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This chapter will explore the entangled histories of postcolonialism, world literature, and global anglophone as pedagogical and institutional rubrics. The English curriculum in the Anglo-American academy has in various degrees been reconfigured by these rubrics since the 1980s, but each has often been perceived as antagonistic to the other two, and scholars have devoted volumes to staking their territorial claim on each. Rather than wage partisan battles that perceive the rise of global anglophone as a threat to postcolonial studies, or world literature as a neoliberal takeover/erasure of the literary riches of the non-European world, it is worthwhile, I argue to trace their collective impetus to decolonize English and comparative literary studies.
This chapter explores literary and cinematic works that capture the emergence of technogenic life-forms in war zones through the artificial vision of the drone: that terror-inducing aerial surveillance apparatus and killing machine that is planetary in its reach and catastrophic in its impact. By technogenic life-forms, I mean machinic abstractions of the organic human form that are available for manipulation, expulsion, and annihilation. These life-forms are the product of a scalar transformation of ordinary human vision through the composite digital infrastructure of the drone. The aesthetic repertoire of the chapter ranges from novels such as Richard Clark’s The Sting of the Drone (2014) and Namwali Serpell’s The Old Drift (2019), films such as Madiha Tahir’s Wounds of Waziristan (2013) and Atef Abu Saif’s war diary The Drone Eats with Me (2016).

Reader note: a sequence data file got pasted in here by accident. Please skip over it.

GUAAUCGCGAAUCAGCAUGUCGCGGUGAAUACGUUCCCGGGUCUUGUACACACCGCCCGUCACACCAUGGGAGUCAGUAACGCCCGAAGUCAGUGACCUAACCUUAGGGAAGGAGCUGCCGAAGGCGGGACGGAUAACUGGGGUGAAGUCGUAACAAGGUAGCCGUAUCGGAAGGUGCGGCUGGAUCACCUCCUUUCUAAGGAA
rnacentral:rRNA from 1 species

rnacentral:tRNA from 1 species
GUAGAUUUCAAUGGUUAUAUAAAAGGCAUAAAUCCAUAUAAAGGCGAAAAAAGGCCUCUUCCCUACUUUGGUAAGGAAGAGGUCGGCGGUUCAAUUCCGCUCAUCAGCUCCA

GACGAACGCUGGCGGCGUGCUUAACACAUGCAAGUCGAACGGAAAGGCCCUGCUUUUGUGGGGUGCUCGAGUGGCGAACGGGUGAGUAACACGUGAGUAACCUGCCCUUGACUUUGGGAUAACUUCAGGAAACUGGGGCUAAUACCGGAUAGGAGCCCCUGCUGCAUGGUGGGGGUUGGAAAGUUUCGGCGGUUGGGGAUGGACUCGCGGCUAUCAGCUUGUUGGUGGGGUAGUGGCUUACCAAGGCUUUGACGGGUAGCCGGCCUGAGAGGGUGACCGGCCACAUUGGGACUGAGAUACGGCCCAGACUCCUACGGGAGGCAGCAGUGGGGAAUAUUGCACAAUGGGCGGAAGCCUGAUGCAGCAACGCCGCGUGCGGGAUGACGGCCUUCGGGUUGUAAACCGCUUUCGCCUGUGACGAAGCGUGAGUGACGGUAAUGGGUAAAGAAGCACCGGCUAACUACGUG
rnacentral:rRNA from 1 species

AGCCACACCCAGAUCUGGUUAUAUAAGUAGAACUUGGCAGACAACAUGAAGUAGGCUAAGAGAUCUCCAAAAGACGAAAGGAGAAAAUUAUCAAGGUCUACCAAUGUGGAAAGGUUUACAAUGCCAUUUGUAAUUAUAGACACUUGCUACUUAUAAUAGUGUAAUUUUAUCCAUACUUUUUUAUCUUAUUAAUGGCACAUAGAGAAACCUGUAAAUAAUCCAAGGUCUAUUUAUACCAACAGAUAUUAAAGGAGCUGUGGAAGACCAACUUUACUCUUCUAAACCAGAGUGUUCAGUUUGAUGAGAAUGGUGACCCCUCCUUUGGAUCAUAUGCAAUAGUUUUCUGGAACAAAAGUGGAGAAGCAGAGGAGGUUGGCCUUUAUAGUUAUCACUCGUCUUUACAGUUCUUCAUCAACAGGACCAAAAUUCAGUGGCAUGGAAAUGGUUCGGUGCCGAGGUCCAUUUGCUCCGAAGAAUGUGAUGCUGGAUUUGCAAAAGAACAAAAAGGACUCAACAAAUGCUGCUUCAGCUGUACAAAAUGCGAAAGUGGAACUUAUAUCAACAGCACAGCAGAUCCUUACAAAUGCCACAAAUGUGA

If world literature is conceived as a network of transregional, multi-local and transnational nodes stretching back to antiquity, oceanic worlds can be seen to offer a generative frame for literary history. The world’s oceans gird the shores of cities, nations, islands and continents. They generate contact zones that are multilingual, demographically mixed, economically varied and culturally hybrid. Further, much like world literature, the historicity of the oceans can scarcely be contained within the temporality of transatlantic capitalism from the eighteenth century to the present. This chapter explores literary works across several oceanic zones and offers oceanic comparativism as a rich cartographic frame for world literature.
World literature dwells in our time and in times past. As a treasured heritage of artistic expression in oral, visual, and written forms, it is an indelible part of the story of evolution of human civilization. As a scholarly field, however, world literature has had a rather sporadic presence in the disciplinary landscape of modern universities, surging and receding in accordance with political and sociocultural transformations. The contemporary era is witnessing one such resurgence. The term world appears to have made a spectacular reentry as a literary critical rubric in the twenty-first century. One hears of the “world” all too frequently in academic circles, and in ways that mark our current global conjuncture as, perhaps, the most apposite moment for its articulation. One is reminded of Walter Benjamin’s phrase “the now of knowability” when certain historical periods offer just the right temporal traction for an idea to gain rhetorical currency.